Brief about Internal Control Over Financial Reporting (ICFR) design and testing

Internal Financial Control came into existence to promote risk management and governance process within the organization so that we don’t have another Satyam case in the future. In this article we have discussed the Internal Financial Control (IFC) from the Business perspective and from Auditor’s perspective:

As per Sec 143(3)(i) of Companies Act 2013, the report of the auditor should state as to whether the company has adequate Internal Financial Control system in place and the operating effectiveness of such controls.

Further, Rule 10A of Companies (Audit & Auditors) Rules 2014 states that:

a) For the financial years commencing on or after 1st April 2015, the report of the auditor should state about existence of adequate Internal financial controls and its operating effectiveness.

b) The auditor of a company may voluntarily include the statement referred to in this rule for the financial year commencing on or after 1st April 2014 and ending on or before 31st March 2015.

As per Notification No. GSR 464 (E) dated 5th June 2015 as amended by Notification No. GSR 583(E) dated 13th June 2016, this requirement shall not apply  to a Private company-

a) which is one person company or a small company

b) which has turnover less than Rs. 50 crores as per the latest audited financial statements and which has aggregate borrowings from banks or financial institutions or any body corporate at any point of time during the financial year less than Rs. 25 crores.

After reading the above, the question comes to our mind that how the Internal Financial Control (IFC/ ICFR) should be implemented (for organization perspective) and tested (for Auditor’s Reporting) ?

A) From the Organization’s perspective:

Following are the background which requires the implementation of Internal Financial Controls (IFC) as per Companies Act, 2013:

Section 134: Director’s Responsibility Statement: In the case of a listed company, the Director’s Responsibility states that directors, have laid down IFC to be followed by the company and that such controls are adequate and operating effectively.

Rule 8: Board Report: Every Company to state the details in respect of the adequacy of IFC with reference to financial statements.

Section 177: Audit Committee: Audit committee may call for comments of auditors about internal control systems before their submission to the Board and may also discuss any related issues with the internal and statutory auditors and the management of the company.

Schedule IV: Independent Directors: The Independent Directors should satisfy themselves on the integrity of financial information and ensure that financial controls and systems of risk management are robust and defensible.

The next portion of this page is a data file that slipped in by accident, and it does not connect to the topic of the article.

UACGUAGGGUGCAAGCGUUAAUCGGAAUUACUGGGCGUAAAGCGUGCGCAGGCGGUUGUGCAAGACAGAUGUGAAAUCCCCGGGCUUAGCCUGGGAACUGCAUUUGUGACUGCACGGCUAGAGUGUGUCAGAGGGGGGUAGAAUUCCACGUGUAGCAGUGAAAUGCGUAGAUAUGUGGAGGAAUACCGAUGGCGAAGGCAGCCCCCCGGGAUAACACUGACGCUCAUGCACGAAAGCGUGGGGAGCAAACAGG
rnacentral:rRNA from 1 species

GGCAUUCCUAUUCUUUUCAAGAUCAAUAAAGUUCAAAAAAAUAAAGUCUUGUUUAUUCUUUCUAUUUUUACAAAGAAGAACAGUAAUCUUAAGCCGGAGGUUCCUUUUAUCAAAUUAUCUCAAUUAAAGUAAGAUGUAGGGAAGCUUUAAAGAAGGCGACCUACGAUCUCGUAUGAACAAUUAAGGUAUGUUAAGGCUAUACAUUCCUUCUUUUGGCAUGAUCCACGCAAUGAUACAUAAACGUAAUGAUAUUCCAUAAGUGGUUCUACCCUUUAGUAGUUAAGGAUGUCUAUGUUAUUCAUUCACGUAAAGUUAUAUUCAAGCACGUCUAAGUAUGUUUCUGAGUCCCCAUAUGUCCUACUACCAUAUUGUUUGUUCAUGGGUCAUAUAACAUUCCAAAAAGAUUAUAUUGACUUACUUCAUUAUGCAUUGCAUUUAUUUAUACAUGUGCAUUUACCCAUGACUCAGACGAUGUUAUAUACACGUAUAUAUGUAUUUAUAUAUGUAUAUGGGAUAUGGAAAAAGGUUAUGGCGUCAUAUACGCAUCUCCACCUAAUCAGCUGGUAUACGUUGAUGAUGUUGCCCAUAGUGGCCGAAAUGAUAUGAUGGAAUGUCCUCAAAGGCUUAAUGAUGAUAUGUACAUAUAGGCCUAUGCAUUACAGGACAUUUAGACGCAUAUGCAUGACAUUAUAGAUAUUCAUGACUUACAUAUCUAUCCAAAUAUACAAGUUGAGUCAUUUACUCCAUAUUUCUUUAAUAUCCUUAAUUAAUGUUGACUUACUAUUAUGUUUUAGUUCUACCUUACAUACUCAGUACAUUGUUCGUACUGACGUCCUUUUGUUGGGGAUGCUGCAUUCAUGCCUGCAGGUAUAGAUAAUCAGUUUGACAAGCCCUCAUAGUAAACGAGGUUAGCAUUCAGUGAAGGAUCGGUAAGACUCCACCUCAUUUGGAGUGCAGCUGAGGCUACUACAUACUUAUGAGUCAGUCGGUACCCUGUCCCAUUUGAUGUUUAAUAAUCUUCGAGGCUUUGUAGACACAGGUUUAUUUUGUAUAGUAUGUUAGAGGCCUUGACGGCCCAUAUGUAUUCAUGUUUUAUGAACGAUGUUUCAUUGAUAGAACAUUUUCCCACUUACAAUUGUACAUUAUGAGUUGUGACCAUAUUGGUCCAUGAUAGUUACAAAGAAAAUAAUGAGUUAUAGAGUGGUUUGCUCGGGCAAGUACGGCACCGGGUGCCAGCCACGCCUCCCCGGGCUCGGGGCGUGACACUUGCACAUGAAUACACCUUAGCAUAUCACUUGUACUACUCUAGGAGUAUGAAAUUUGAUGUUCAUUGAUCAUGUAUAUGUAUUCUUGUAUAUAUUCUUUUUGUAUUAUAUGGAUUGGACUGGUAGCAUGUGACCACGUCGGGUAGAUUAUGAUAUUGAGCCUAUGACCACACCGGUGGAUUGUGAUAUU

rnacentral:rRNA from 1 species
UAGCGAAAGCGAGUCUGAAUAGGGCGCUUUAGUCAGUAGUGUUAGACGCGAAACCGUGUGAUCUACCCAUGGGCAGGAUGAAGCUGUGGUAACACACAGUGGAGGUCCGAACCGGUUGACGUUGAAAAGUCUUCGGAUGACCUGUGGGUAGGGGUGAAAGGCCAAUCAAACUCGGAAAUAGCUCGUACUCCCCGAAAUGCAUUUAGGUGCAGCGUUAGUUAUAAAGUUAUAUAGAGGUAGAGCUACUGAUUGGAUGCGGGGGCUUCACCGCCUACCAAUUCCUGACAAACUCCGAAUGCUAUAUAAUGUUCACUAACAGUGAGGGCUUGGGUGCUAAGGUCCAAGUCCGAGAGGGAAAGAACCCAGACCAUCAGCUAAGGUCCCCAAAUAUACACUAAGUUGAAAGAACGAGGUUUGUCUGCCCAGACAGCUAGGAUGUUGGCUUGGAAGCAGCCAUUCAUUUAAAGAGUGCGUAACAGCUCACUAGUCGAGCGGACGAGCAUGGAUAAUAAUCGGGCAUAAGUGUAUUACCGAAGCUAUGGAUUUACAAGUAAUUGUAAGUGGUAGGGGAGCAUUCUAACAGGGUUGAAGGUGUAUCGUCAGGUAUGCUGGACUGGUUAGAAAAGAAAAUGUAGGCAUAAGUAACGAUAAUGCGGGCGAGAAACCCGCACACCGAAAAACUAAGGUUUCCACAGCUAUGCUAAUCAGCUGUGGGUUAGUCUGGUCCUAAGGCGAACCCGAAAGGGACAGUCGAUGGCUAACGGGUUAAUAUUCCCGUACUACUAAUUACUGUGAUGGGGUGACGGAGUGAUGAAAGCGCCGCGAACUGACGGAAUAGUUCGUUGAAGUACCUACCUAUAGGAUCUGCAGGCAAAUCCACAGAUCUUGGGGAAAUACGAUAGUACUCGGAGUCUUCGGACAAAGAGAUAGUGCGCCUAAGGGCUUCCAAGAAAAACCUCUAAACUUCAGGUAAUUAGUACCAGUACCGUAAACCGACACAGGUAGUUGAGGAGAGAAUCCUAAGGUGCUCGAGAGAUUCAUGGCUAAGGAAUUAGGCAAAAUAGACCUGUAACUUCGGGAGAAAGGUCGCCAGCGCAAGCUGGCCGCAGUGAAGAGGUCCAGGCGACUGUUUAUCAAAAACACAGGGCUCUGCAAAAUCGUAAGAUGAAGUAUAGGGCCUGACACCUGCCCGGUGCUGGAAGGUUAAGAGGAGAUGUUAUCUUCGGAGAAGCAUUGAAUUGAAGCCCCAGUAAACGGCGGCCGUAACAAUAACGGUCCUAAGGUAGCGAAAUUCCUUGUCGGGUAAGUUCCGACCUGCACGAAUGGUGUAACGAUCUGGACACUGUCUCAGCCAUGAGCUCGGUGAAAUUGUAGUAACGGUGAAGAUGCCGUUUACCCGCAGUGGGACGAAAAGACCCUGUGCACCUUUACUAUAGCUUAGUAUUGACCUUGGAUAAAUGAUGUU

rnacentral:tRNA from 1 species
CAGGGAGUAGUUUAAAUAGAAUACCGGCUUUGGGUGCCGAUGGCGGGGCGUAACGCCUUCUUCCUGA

Section 143: Auditor Report: The Auditor’s Report should state whether the company has adequate IFC system in place and the operating effectiveness of such control.

Designing Process: The Management should identify the significant business processes of the Company and design the Process Notes and Risk Control Matrix (RCM) for the Company by itself or with the help of an external expert. The same should be followed regularly & tested by the management at least once in a Financial Year.

Following is the example of Risk control matrix, and RCM should mention at least the following details:

It is very important for a business to prepare the proper control and cover all the risk areas for that particular process.

B) From Auditor’s perspective:

During the audit, Auditor should ask from the management defined Process Notes and Risk Control Matrix (RCM) of the Company for testing the controls and after testing the auditor can give opinion about the effectiveness of the Company’s Internal Financial Controls. Auditor should also ask the report of testing done by management in a financial year to find the detailed observations. After testing, auditor can give the opinion on Internal Control Over Financial Reporting (ICFR).

During testing, the deficiencies to be identified which are:

1. Design deficiency

2. Operating deficiency

3. Significant deficiency

4. Material weakness

A deficiency in internal financial control over financial reporting exists when the design or operation of a control does not allow the management to prevent or detect misstatements on a timely basis, in the normal course of business activity.

Flow of Audit of IFC

I hope this will help to understand the IFC, for any clarification please reach out to us at +919711132615 or write to us: for any further query.

Author Bio

Qualification: CA in Practice
Location: New Delhi, New Delhi, IN
Member Since: 01 Feb 2019 | Total Posts: 10
Partner at D K M & Associates, Chartered Accountants. Earlier worked with BIG 4 Accounting and Audit firm. Expertise in Ind AS, Goods & Services Tax, Income Tax, Auditing and Assurance, Internal Controls, Business Process Consultancy, Forensic Accounting and Auditing with various rules an View Full Profile

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  1. Allan Thomas says:

    How is a material weakness defined? In monetary or if a regulatory impact?

    For example, delay in GST payments/ reporting for approximately 16000₹?

  2. Subramanian Natarajan says:

    Now you have given much more than I asked. I am a CPA and have written 71 articles in tax guru but I welcome youngsters like you who actually implement the internal controls. Now it helps a student to understand I c better. Thanks

  3. Subramanian says:

    Why can’t you actually give an example. Just checking one department work by others from same company on monthly basis is an internal control. How does a C A actually undertake the internal control operations. Young man give us details. No hiding under Company’s Law only. Have you really done and if so, why not details

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